A letter to my former self (the new nurse)
I know it’s been a while since we’ve talked but I thought I’d check in on ya and see how you are doing? I see your head is still circling after finishing nursing school. Yeah, I know, it still seems like a dream… but guess what you did it! You graduated.
Now on to the NCLEX (boards).
While you’re busy studying for that I know you’ve started working as a Graduate Nurse at the bedside. Just when you thought you were done with that ‘learning’ stuff huh? Yeah, you thought nursing school was tough? Now you have to figure out how to survive and eventually thrive as an independent nurse!
Don’t worry, we have all shared the same feeling: Being sure that sooner or later someone was gonna notice that you had no clue what you were doing!
It’s OK. We’ve all been there.
I thought I’d pass on some tips and words of wisdom for you during those first few years, to help you through the tough spots. Yes, you read that right. I said the first few years. It takes, at the very least, a full year to just get comfortable in your new ‘nurse’ skin. It’s only after another year of feeling comfortable in that skin that you finally shake those jitters.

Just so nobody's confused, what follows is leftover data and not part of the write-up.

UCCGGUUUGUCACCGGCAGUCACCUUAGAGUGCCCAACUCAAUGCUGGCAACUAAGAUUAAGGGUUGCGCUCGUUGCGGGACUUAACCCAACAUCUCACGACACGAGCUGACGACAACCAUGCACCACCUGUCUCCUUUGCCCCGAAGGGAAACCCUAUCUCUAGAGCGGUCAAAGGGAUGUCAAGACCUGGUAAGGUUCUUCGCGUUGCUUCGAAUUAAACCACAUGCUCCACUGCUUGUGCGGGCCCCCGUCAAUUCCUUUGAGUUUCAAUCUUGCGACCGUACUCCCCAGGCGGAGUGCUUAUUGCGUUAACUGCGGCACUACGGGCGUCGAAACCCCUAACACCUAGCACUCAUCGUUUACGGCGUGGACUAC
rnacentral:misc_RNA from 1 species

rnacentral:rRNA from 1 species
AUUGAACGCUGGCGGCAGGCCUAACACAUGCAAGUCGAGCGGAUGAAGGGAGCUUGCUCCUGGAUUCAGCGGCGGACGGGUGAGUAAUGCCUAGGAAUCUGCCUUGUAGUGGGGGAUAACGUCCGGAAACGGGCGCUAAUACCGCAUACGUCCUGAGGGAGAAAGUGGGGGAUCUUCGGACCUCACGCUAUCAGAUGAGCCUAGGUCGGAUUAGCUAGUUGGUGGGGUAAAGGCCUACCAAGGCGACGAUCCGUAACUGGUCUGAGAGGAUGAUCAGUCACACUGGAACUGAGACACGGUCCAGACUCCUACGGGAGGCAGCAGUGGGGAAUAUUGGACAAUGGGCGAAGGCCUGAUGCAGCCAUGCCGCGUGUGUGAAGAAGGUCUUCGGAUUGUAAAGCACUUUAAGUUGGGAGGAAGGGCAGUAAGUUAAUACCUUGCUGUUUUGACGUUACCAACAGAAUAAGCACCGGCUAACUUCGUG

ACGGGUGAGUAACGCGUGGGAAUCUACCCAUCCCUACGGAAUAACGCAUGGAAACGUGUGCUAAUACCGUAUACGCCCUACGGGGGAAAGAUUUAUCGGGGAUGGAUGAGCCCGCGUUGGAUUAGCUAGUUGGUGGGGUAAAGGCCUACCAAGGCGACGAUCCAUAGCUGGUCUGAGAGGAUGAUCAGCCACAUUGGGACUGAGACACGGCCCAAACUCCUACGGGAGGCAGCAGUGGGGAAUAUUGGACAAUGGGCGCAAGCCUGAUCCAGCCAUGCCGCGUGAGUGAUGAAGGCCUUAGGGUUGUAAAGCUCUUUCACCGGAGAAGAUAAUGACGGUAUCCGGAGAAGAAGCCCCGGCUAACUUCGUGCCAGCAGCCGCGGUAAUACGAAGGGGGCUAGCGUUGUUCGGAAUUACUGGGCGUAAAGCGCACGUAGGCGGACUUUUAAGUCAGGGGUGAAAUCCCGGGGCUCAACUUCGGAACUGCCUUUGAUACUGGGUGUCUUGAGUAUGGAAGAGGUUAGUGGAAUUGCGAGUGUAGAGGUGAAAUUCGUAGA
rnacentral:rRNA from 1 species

Sorry. I promise it does get better.
Here are some things to keep in mind:
- It’s OK to be scared: We all were and still are to some degree. Remember, not everyone can do this job.
- You are not expected to know everything: Some of us have been doing this for decades, and we still don’t know everything!
- It’s OK to ask questions: the minute you stop asking questions is when we get worried.
- Stop beating yourself up over every mistake : we all make mistakes, and we all continue to make more. The key is to learn from them.
- Yes, things really do move that fast at the bedside: we all learned to walk first, then run. So will you.
- Your first patient death will shake you up: trust me. And there is nothing wrong with that.
- Your first code will scare the living daylights out of you : you’ll understand it better once you experience it first hand.
- Every time you want to ‘run’ force yourself to walk: hurrying through a task will only increase your chances for making a mistake.
- Take the time to learn everything by the numbers, before you decide to adopt a shortcut: just trust me on this one.
- Learn the difference between confidence and arrogance: it will save lives.
- Stop dwelling on how fast you do things: yes, we all did things that slow when we started! Efficiency comes after accuracy.
- Never, ever, ever, ever apologize for calling a physician about your patient : even at 3AM.
- Don’t expect respect until it is earned. You’ve earned the right to be here, now earn the respect to stay.
- No matter where the job takes you, there will always be somebody wanting to break you down: don’t let them infect you.
And last, but surely not least. You have entered into one of the most awesome professions around. Be sure to pass on your knowledge, your skill and your passion to those who follow. It’s our job to erase the old urban legend of nurses eating their young.
Best of luck to you on your journey and your career. You are in for a wild ride!